There have been several translations into English.

Senecas #1

Senecas, one of the five Iroquois nations in New York, W. of Sodus bay, Seneca lake, and Elmira. They called themselves Tsonnunda-waono, but received from the Dutch the name of Sinnekaas, which in time became Senecas. They were the hereditary doorkeepers of the cabin, and had eight sachemships, belonging to the Turtle, Snipe, Hawk, Bear, and Wolf families. When first known to the French they were bounded W. by the Attiwandaronk or Neuters on the Niagara, and the Erike S. of Lake Erie. By conquest the Scannonaenrat, a nation of the Hurons, most of the Neuters, the Eries, and the Andastes or Susquehannas were successively incorporated with them. Chau-monot began a mission among them in 1657, followed by Fremin in 1668. They permitted La Salle to put up a block house at Niagara; they were afterward hostile, but were won over by Joncaire, and in 1712 permitted the French to build a fort at Niagara. When Pontiac formed his general league of tribes against the English, the Senecas alone of the Six Nations joined him, destroying Venango, attacking Fort Niagara, and cutting off an army train near Devil's Hole in 1763. In the revolution they sided with the English. Gen. Sullivan invaded their country, and, after defeating the allied tribes at Newtown, destroyed several towns, and ravaged the whole canton in 1779. They made peace at Fort Stanwix in 1784. Much of their lands were soon after ceded or yielded to speculators, including the preemption right of what they still retained.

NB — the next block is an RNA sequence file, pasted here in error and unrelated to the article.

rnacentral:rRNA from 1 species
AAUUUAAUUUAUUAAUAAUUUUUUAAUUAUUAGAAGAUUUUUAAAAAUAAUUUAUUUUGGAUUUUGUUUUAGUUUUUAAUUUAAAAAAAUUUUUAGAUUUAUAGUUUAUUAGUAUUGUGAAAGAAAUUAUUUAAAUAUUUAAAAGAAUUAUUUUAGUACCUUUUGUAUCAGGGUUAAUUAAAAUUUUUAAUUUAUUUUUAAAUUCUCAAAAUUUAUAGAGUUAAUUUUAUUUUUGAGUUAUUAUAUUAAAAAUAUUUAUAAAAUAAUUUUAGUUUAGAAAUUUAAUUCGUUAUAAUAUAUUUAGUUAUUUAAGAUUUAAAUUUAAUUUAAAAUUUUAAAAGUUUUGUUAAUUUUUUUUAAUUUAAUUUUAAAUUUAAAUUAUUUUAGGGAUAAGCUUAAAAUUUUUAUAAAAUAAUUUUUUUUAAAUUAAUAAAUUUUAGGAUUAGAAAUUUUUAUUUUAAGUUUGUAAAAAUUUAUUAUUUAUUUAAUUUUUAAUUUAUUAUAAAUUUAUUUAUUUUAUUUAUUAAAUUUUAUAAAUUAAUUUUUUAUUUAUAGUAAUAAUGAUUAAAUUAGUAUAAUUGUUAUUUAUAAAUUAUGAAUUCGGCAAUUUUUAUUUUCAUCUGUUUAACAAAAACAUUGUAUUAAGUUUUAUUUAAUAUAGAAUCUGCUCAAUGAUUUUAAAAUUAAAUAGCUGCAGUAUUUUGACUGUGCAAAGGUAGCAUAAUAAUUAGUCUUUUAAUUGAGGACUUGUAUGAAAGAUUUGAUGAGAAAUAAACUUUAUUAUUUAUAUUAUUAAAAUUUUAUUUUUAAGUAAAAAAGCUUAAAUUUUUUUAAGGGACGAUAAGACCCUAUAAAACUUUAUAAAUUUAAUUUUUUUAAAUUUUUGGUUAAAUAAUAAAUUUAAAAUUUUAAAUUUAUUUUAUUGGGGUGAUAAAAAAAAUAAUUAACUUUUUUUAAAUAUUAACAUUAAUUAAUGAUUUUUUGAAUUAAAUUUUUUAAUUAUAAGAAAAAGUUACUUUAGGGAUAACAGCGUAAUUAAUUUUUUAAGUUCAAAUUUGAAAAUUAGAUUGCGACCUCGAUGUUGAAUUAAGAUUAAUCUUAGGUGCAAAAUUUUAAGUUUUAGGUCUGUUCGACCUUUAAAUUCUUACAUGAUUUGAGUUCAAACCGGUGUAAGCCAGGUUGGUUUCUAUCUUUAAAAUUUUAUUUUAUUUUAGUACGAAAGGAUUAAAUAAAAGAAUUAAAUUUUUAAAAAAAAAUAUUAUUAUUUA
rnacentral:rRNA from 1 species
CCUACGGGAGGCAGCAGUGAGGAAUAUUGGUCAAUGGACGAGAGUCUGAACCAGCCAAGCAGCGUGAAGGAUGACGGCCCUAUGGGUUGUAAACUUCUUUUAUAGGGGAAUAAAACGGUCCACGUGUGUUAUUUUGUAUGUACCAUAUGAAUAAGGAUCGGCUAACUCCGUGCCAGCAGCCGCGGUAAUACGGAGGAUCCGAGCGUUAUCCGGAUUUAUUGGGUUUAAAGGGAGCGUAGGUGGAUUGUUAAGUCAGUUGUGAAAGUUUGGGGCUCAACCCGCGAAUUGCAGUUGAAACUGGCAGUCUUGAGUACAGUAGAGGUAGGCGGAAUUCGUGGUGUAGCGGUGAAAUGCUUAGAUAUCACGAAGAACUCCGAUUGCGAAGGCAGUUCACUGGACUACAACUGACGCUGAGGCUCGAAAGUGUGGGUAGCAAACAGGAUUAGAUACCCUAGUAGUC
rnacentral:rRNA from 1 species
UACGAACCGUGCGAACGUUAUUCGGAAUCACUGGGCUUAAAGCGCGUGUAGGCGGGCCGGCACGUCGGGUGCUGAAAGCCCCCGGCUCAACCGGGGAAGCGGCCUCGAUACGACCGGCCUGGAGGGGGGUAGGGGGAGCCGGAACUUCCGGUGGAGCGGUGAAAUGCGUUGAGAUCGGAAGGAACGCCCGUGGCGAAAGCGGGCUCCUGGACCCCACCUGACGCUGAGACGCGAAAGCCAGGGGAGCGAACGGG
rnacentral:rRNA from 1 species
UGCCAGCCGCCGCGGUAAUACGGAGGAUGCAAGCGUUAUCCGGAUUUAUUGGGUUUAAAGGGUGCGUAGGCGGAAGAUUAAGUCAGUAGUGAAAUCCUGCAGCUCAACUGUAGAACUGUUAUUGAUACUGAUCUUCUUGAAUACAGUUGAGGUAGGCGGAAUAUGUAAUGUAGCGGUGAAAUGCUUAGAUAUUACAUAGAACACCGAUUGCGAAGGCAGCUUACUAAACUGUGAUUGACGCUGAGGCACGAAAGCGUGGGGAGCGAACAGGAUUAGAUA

In 1812, though earnestly solicited by their countrymen of the Six Nations in Canada, they formally declared against the English and rendered service to the American armies on the frontier. A part of the tribe settled at Sandusky and Stony Creek, Ohio, joined the hostile tribes in the west, but made peace at Spring Valley in September, 1815. This band ceded all but a reservation with the Shawnees in 1818, and in 1831 sold that and removed to the Indian territory on the Neosho. The Senecas in New York still occupy the Alleghany, Cattaraugus, and Tona-wanda reservations (66,000 acres), but white settlers have encroached so that there are thriving towns there. The Senecas in New York in 1870 numbered 3,060; those in the Indian territory 206. Protestant missions were begun among the Senecas in New York in 1805, and the society of Friends has done much to aid and protect them. Their most illustrious men have been the great orator Red Jacket (see Red Jacket) and Cornplanter. Portions of Scripture have been printed in the Seneca language, and a grammar and dictionary were prepared by the late Rev. Ashur Wright.